Like many of you, I’ve been involved in education reform for some time. For me, it’s been 30 years. Now, some folks would think that means I should be in the twilight of my career – looking back and winding down with an eye toward retirement.

Well, I do have a bit of bad news to share with you today…

Bad news, that is, for the teacher union bosses, the defenders of the status quo, the “education-expert” bloggers and muckrakers and many of our friends on the Democratic side of the aisle in Congress. Allow me to borrow a line from the great American author Mark Twain: The reports of my death are greatly exaggerated!

I’m not going anywhere! In fact I’m just getting started!

And to get started, let’s talk a bit about where I think we as a country need to go. But first, let’s step back.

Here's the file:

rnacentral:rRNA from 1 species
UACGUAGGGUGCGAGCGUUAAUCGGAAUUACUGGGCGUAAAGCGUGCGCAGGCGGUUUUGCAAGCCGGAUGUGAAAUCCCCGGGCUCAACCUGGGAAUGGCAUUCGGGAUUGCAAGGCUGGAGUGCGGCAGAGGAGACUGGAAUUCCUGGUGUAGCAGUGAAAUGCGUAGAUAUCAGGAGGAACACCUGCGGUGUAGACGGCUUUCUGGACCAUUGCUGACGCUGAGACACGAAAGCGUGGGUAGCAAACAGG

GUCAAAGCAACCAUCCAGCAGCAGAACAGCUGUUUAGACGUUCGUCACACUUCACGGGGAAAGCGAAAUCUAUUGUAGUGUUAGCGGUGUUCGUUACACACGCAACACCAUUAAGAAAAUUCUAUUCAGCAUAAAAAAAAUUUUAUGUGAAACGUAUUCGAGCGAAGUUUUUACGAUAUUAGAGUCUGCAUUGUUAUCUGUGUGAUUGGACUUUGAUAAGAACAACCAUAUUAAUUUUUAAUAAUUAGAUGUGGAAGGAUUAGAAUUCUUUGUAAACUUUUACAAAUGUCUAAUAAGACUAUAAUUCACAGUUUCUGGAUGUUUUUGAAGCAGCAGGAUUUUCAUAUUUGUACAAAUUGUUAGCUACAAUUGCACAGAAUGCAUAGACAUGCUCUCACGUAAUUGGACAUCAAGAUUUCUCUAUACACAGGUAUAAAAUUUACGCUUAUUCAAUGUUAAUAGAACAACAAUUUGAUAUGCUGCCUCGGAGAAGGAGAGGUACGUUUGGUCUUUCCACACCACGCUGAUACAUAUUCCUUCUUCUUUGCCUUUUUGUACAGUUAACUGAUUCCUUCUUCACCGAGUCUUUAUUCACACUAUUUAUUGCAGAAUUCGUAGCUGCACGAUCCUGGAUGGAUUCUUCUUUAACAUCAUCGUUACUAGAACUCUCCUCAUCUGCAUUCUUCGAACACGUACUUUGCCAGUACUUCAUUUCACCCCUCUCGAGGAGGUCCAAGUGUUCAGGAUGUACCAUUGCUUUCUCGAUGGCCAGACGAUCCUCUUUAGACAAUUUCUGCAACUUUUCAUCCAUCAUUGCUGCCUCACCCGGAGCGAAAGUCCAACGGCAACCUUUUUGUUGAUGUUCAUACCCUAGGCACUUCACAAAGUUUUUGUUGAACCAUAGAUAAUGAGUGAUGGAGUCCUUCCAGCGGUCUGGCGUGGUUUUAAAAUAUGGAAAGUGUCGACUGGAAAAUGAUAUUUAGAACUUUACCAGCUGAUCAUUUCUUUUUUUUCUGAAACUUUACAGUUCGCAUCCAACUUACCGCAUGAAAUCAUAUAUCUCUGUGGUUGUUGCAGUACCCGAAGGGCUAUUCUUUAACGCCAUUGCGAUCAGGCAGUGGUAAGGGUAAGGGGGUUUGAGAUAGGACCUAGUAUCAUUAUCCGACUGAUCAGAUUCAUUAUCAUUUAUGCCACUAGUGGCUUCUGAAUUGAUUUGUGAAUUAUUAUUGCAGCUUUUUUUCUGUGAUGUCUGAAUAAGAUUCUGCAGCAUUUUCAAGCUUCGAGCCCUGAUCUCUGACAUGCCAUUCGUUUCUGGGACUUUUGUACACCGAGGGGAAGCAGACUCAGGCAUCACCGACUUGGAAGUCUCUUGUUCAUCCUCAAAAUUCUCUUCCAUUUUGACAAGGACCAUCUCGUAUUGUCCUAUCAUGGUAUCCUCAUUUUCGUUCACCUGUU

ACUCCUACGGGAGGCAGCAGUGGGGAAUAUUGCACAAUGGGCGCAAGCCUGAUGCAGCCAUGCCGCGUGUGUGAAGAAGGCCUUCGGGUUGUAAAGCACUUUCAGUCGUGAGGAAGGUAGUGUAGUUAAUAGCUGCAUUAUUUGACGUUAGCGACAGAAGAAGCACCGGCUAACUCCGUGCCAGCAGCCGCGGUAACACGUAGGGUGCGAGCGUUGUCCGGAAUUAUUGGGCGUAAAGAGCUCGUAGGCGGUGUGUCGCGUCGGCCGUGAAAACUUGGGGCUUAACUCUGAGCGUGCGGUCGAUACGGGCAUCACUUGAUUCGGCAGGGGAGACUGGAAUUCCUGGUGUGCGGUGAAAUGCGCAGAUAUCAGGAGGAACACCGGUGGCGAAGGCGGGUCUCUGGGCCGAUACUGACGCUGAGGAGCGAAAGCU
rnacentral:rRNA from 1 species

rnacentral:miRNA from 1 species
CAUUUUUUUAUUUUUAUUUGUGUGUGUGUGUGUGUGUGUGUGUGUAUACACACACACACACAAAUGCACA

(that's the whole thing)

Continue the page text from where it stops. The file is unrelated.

You would never know it by watching the news or reading the papers today, but this whole notion of “education reform” isn’t exactly new. In fact, you can trace its roots all the way back to ancient times and Plato’s writings in The Republic. That’s right – 380 B.C.

From the ancient Greek debate, through the Roman Empire, across early Europe, on to America’s widespread adoption of the Prussian model, past progressive theories, amid the important advances made during the civil rights era, through today’s continued debate, education reform has commanded the attention of some of history’s greatest and most influential figures.

And while each one of those transition points could generate hours of debate and discussion, I want to go back to 1983.

In April 1983, A Nation At Risk had just been released. Most everyone here has heard of it. Commissioned by then-U.S. Secretary of Education Terrell Bell, it took a hard look at education in America.